On the other hand, one among the brave young soldier-leaders who took pride in serving our nation and our people, was our adorable son Akshay. Sangeeta’s beloved husband, Neha’s ‘best ever’ brother, Naina’s ‘hero’ father, the apple of his grandparents ageing eyes, the ‘bro’ admired by his cousins and Pradish, Beena and Ravindrans ‘second son’, and everyone’s ever-smiling, happy-to-help, always-there-for-you friend. He is no longer around for any of us because he believed protecting co-citizens was his responsibility. No cost was too high. He made us very proud. We hope he somehow knows we have taken strength from him and will do the best we can whenever called upon to do so.
I look up at Akshay’s pictures on our walls and my eyes play their tricks, bringing him back to life. There he is smiling at me…eyes twinkling….no trace of the anguish we are all going through without him. Soldiers are painted as strong and powerful and yet, what I recollect is how gentle and caring Akshay would be with all of us. How he never let me and Girish carry a heavy bag; how he would slow down his scooter when Neha said speed scared her; how his eyes followed Sangeeta, waiting to see her smile; how he held little Naina, like she was a delicate flower……. Akshay’s gentleness extended even to those he did not personally know. Once, when a drunk stranger tried to break into our home late at night, all Akshay did was firmly push the young man out, believing he had lost his way and meant no harm. When a bus banged into his new car, not only was he polite to the bus-driver, he agreed not to register a police case because the driver would lose his new job. Criticizing, hitting, accusing…. or throwing stones and running away, was never part of Akshay’s way of life.
The TV is on even as I write this piece. The image of a young man tied to an army jeep in the Kashmir valley is being aired again and again. We are told a young officer did so to ensure safe passage of security personnel and election duty staff who were surrounded by a dangerous mob of hundreds of stone pelters. While political leaders can get away with acts like hitting an airline employee 25 times with a ‘chappal’, fight dirty to usurp a dead CM’s ‘legacy’, steal, cheat and even commit rape and murder without being held accountable, this young officers’ timely action to save lives is ‘unacceptable’! Doesn’t ‘The End Justifies the Means’ philosophy hold good in this case? What did the young commander do to be berated in this manner? With little time to spare and limited resources on hand, he did his duty. He did not shun his responsibility when called upon to protect a group of pro-government citizens from hundreds of stone pelters positioned to maim and kill.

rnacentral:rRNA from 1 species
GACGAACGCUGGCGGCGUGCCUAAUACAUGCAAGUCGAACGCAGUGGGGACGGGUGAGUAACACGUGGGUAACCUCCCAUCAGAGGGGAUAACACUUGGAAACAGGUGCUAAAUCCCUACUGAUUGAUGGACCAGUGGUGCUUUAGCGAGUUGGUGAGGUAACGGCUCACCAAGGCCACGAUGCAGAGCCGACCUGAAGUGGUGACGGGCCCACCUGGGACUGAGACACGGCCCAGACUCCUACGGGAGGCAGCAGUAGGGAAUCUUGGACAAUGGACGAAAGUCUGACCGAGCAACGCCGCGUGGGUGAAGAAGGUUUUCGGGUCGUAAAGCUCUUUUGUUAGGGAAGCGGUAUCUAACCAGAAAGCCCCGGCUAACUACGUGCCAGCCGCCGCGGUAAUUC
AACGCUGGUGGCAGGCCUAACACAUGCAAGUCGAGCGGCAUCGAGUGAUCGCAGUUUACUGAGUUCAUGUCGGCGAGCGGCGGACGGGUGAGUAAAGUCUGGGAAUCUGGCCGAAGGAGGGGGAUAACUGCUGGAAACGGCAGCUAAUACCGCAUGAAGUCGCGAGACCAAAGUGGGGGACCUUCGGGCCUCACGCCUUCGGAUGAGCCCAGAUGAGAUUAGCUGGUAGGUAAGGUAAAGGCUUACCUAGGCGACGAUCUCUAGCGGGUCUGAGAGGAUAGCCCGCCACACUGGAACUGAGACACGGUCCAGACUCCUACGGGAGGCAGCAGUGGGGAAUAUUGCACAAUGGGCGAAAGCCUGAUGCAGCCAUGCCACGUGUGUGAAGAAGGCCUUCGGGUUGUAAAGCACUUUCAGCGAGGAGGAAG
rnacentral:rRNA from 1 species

Didn’t we see earlier videos of such stone pelters shielding terrorists and preventing the evacuation of injured soldiers? Didn’t we read about how terrorists got away and an officer and two jawans died because ‘misguided youth’ did not allow them to be taken to hospital? Thanks to the outcry over ‘excessive use of force’, the anti-nationals now know they can heckle armed CRPF men without fear of retaliation. This must stop. We ordinary citizens have a duty too. We must at the very least make our voices heard over the din if we believe we should support our soldiers. Our braves need the backing of an entire nation to keep India safe.
In doing what he did, the young officer saved many lives on both sides of the divide. Isn’t that what we as a nation want? Although an enquiry has been ordered ‘against the QRT Commander’, I was glad to see the Attorney General of India (Mukul Rohtangi) give the officer a pat on the back for doing what he did under the circumstances. In my personal opinion, for whatever it is worth, the officer should be awarded for exceptional leadership because his ‘out of the box solution’ and quick action successfully saved trapped co-citizens while preventing collateral damage. Maybe, just maybe there is still time for the likes of Omar, Mehbooba, Digvijay, Arvind, Yechury, Yedyurappa etc. to try and improve their own ‘leadership qualities?’
Akshay is now openly smiling his approval. I smile at the thought of him smiling.
In seeking to learn more, I found these unusual quotes. We will be happy to read some of your favorite ones as well.
Quotes on Leadership
Leadership is not about the next election, it’s about the next generation.
Leadership is not about a title or a designation. It’s about impact, influence and inspiration. Impact involves getting results, influence is about spreading the passion you have for your work, and you have to inspire team-mates and customers.
Robin S. Sharma
A leader is one who knows the way, goes the way, and shows the way.
John C. Maxwell
Only the guy who isn’t rowing has time to rock the boat.
A good leader takes a little more than his share of the blame, a little less than his share of the credit.
Arnold H. Glasow
If your actions inspire others to dream more, learn more, do more and become more, you are a leader.
John Quincy Adams
As always, we as a family draw hope and strength from Akshay’s extraordinary life and we are very grateful to all of you for being with us.
Please do post your comments. Thank you.
P.S. It is painful and frustrating to see that no acceptable solutions to the Kashmir problem have been put forth by the powers that govern our country and the state of J&K. Individuals like Major Gaurav Arya have given their opinion on a comprehensive way forward. Do read and react to THE IRON IN OUR SOUL April 13, 2017 on: https://majorgauravarya.wordpress.com/2017/04/13/the-iron-in-our-soul/
To see the video on the bond between a young injured officer and his men, go to: https://www.facebook.com/search/top/?q=%E2%80%AA%23%E2%80%8EGenerallySaying%E2%80%AC